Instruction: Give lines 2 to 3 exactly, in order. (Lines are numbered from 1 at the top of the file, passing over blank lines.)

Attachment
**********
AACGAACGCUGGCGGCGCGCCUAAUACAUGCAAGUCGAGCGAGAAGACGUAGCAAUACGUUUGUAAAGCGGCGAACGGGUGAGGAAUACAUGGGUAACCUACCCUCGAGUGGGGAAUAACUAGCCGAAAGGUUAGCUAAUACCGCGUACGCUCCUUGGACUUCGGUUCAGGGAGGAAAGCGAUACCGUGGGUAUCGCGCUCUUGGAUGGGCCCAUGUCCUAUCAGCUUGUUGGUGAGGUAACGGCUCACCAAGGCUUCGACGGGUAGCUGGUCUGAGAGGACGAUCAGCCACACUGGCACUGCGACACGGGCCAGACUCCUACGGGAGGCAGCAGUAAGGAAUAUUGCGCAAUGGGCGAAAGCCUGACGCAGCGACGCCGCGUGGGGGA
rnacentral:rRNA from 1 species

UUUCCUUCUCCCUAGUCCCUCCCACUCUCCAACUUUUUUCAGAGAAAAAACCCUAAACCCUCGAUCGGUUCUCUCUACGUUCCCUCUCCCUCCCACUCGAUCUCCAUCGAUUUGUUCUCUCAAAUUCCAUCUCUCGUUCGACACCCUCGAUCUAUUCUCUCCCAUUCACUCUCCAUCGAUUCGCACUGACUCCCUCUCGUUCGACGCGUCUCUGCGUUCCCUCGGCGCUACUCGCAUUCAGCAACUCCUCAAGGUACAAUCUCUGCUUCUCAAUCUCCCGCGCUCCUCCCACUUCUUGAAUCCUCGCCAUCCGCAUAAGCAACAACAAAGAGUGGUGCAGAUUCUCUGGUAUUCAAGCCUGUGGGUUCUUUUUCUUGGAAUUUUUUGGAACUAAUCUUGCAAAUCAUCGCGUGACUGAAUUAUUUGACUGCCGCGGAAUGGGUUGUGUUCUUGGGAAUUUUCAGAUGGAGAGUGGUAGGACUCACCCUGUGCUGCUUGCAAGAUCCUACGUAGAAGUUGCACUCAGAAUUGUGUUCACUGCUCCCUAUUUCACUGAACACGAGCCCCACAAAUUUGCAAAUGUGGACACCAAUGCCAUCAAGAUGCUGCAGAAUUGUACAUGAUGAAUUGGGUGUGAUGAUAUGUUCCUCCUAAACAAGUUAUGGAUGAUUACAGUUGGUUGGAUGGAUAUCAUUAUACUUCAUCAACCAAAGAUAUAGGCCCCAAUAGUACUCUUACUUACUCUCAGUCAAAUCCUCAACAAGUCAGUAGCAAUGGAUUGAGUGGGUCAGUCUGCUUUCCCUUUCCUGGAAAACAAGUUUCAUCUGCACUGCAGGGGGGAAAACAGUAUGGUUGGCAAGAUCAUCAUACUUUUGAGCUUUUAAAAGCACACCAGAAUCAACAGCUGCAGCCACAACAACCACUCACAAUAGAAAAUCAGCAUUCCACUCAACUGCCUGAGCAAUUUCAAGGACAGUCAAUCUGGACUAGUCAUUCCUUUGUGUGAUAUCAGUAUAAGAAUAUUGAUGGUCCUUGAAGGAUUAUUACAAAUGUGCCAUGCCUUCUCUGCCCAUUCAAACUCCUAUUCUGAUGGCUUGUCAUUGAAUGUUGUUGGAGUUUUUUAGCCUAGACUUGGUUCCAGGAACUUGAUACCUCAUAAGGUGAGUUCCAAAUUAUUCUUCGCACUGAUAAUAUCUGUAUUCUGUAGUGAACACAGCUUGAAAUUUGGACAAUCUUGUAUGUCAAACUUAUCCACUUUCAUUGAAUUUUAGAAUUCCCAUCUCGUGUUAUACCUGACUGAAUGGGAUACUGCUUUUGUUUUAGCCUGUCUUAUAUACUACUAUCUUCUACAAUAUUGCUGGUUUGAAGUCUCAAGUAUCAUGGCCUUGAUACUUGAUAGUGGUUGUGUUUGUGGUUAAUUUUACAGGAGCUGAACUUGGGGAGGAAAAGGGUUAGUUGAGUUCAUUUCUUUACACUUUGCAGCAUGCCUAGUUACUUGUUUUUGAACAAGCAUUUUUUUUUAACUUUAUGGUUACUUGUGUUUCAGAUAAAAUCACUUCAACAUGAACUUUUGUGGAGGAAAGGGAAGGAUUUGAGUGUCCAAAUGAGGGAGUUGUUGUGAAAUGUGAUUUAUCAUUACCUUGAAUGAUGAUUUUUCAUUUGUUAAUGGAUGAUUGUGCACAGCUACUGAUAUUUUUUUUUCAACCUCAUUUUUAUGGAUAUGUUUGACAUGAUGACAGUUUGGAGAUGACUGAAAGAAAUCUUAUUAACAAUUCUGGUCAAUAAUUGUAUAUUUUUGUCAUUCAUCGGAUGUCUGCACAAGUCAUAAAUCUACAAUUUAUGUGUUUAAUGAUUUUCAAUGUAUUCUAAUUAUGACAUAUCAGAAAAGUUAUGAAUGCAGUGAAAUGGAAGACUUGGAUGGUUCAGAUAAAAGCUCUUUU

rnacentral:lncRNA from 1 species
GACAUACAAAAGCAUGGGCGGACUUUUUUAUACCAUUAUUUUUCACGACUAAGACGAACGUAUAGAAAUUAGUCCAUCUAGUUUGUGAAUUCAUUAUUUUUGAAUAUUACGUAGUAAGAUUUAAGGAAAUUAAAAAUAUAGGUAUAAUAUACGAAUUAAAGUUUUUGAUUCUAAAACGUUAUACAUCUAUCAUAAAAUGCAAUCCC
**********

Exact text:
rnacentral:rRNA from 1 species

UUUCCUUCUCCCUAGUCCCUCCCACUCUCCAACUUUUUUCAGAGAAAAAACCCUAAACCCUCGAUCGGUUCUCUCUACGUUCCCUCUCCCUCCCACUCGAUCUCCAUCGAUUUGUUCUCUCAAAUUCCAUCUCUCGUUCGACACCCUCGAUCUAUUCUCUCCCAUUCACUCUCCAUCGAUUCGCACUGACUCCCUCUCGUUCGACGCGUCUCUGCGUUCCCUCGGCGCUACUCGCAUUCAGCAACUCCUCAAGGUACAAUCUCUGCUUCUCAAUCUCCCGCGCUCCUCCCACUUCUUGAAUCCUCGCCAUCCGCAUAAGCAACAACAAAGAGUGGUGCAGAUUCUCUGGUAUUCAAGCCUGUGGGUUCUUUUUCUUGGAAUUUUUUGGAACUAAUCUUGCAAAUCAUCGCGUGACUGAAUUAUUUGACUGCCGCGGAAUGGGUUGUGUUCUUGGGAAUUUUCAGAUGGAGAGUGGUAGGACUCACCCUGUGCUGCUUGCAAGAUCCUACGUAGAAGUUGCACUCAGAAUUGUGUUCACUGCUCCCUAUUUCACUGAACACGAGCCCCACAAAUUUGCAAAUGUGGACACCAAUGCCAUCAAGAUGCUGCAGAAUUGUACAUGAUGAAUUGGGUGUGAUGAUAUGUUCCUCCUAAACAAGUUAUGGAUGAUUACAGUUGGUUGGAUGGAUAUCAUUAUACUUCAUCAACCAAAGAUAUAGGCCCCAAUAGUACUCUUACUUACUCUCAGUCAAAUCCUCAACAAGUCAGUAGCAAUGGAUUGAGUGGGUCAGUCUGCUUUCCCUUUCCUGGAAAACAAGUUUCAUCUGCACUGCAGGGGGGAAAACAGUAUGGUUGGCAAGAUCAUCAUACUUUUGAGCUUUUAAAAGCACACCAGAAUCAACAGCUGCAGCCACAACAACCACUCACAAUAGAAAAUCAGCAUUCCACUCAACUGCCUGAGCAAUUUCAAGGACAGUCAAUCUGGACUAGUCAUUCCUUUGUGUGAUAUCAGUAUAAGAAUAUUGAUGGUCCUUGAAGGAUUAUUACAAAUGUGCCAUGCCUUCUCUGCCCAUUCAAACUCCUAUUCUGAUGGCUUGUCAUUGAAUGUUGUUGGAGUUUUUUAGCCUAGACUUGGUUCCAGGAACUUGAUACCUCAUAAGGUGAGUUCCAAAUUAUUCUUCGCACUGAUAAUAUCUGUAUUCUGUAGUGAACACAGCUUGAAAUUUGGACAAUCUUGUAUGUCAAACUUAUCCACUUUCAUUGAAUUUUAGAAUUCCCAUCUCGUGUUAUACCUGACUGAAUGGGAUACUGCUUUUGUUUUAGCCUGUCUUAUAUACUACUAUCUUCUACAAUAUUGCUGGUUUGAAGUCUCAAGUAUCAUGGCCUUGAUACUUGAUAGUGGUUGUGUUUGUGGUUAAUUUUACAGGAGCUGAACUUGGGGAGGAAAAGGGUUAGUUGAGUUCAUUUCUUUACACUUUGCAGCAUGCCUAGUUACUUGUUUUUGAACAAGCAUUUUUUUUUAACUUUAUGGUUACUUGUGUUUCAGAUAAAAUCACUUCAACAUGAACUUUUGUGGAGGAAAGGGAAGGAUUUGAGUGUCCAAAUGAGGGAGUUGUUGUGAAAUGUGAUUUAUCAUUACCUUGAAUGAUGAUUUUUCAUUUGUUAAUGGAUGAUUGUGCACAGCUACUGAUAUUUUUUUUUCAACCUCAUUUUUAUGGAUAUGUUUGACAUGAUGACAGUUUGGAGAUGACUGAAAGAAAUCUUAUUAACAAUUCUGGUCAAUAAUUGUAUAUUUUUGUCAUUCAUCGGAUGUCUGCACAAGUCAUAAAUCUACAAUUUAUGUGUUUAAUGAUUUUCAAUGUAUUCUAAUUAUGACAUAUCAGAAAAGUUAUGAAUGCAGUGAAAUGGAAGACUUGGAUGGUUCAGAUAAAAGCUCUUUU